From Algarve beaches to the breathtaking mountains of the north, Portugal is a land of contrasts. In between lie verdant floodplains, rolling plains and cork forests, wetland reserves… The east is dry and continental, the west milder, ocean-influenced, greener, especially the lush north west. Today, the country is linked and united as never before by fine new roads – just one sign of the prosperity that has spread across Portugal from the late ‘80s onwards. But tradition still lies at Portugal’s heart. Families spend time together, eat long meals together. Friends enjoy festivals, dancing, fado, café culture and eating out.
Food and wine are fundamental. The occasional modern restaurant apart, tradition rules: hearty portions of local dishes, meat, hams and sausages, game in season, magnificent fish and seafood, the beloved salt cod (bacalhau), copious bread, rice and potatoes, and a bottle of olive oil always at the ready. Dessert is obligatory –1001 delightful combinations of egg yolks with sugar: lots of sugar.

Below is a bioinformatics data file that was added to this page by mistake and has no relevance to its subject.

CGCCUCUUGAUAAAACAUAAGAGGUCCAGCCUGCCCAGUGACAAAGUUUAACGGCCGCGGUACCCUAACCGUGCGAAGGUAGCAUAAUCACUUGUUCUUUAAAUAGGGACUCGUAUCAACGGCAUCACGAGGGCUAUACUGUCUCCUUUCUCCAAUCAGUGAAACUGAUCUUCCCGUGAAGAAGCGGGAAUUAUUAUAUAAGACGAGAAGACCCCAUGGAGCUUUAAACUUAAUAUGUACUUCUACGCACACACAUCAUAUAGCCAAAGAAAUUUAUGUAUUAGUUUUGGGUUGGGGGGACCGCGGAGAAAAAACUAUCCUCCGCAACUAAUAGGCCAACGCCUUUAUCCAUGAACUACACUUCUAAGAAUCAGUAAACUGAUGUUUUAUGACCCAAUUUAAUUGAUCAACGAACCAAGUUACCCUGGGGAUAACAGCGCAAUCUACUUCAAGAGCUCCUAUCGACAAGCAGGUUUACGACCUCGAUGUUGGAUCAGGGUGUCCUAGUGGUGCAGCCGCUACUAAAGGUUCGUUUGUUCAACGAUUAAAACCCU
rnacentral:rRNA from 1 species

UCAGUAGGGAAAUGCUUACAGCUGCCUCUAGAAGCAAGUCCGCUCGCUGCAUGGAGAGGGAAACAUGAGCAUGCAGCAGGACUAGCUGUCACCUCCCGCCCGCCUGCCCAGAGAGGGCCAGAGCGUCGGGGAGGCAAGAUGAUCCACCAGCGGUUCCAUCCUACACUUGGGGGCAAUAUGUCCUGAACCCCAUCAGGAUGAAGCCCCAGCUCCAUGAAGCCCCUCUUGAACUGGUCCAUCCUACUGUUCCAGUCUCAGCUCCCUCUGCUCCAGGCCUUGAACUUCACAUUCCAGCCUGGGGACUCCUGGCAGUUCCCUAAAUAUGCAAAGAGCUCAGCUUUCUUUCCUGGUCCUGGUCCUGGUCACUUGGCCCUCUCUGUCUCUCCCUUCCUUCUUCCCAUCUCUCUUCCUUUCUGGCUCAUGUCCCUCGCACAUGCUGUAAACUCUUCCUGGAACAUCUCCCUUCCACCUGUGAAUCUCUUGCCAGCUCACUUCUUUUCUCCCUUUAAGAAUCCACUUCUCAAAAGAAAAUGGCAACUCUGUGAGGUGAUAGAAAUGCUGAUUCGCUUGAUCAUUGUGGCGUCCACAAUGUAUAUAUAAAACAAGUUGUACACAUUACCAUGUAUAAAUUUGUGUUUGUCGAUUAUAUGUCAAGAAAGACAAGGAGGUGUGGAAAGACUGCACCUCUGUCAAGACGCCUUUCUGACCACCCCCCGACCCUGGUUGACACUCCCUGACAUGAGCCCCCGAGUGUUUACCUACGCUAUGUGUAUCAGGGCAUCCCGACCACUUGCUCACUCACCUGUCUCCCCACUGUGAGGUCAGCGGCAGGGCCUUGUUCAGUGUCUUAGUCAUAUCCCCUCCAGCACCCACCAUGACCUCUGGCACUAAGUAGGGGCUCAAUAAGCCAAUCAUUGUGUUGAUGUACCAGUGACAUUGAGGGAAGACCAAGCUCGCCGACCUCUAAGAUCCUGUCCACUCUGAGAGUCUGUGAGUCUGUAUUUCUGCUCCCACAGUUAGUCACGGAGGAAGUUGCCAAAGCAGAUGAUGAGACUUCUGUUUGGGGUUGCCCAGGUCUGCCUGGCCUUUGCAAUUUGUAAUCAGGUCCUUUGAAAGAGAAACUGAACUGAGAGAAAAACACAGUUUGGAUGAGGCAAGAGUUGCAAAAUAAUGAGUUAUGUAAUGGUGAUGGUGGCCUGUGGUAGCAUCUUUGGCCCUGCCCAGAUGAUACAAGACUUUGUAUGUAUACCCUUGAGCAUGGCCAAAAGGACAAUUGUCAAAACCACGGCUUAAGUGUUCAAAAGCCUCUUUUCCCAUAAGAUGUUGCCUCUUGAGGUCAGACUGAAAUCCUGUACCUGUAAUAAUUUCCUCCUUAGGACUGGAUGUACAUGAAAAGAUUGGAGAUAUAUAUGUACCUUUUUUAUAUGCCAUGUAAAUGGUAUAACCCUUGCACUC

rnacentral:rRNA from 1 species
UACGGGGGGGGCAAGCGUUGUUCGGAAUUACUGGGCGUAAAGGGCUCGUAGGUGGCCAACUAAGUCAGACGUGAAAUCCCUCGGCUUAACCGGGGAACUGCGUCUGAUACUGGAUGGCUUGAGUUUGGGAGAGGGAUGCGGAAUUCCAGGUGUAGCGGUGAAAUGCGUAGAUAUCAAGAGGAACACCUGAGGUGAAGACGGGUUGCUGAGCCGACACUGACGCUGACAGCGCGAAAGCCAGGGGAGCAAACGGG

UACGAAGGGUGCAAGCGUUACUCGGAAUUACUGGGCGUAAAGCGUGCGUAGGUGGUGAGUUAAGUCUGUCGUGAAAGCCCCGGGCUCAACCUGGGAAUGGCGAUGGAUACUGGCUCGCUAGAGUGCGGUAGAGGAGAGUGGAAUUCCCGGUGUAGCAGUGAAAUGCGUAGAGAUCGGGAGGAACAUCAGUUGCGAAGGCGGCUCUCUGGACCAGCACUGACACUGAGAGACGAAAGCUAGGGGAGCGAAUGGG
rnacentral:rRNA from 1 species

Portugal’s winemakers have been equally conservative in one respect – keeping faith with their grapes. And no wonder! Portugal’s varieties are unique, with thrillingly different flavours. Yet quality-wise there has been no resting on traditional laurels. A quarter-century of investment, education, open-mindedness and flair has meant explosive change. Choice has multiplied too. Alongside co-ops and large companies, myriad estates now make their own distinctive wines.
Terroir is so diverse. From north to south, from east to west, from mountain to maritime vineyards, hot and dry or cool and green. In every style, from fizz to port, from crisp dry whites to elegant reds, in so many diverse ways, Portuguese wines are unique.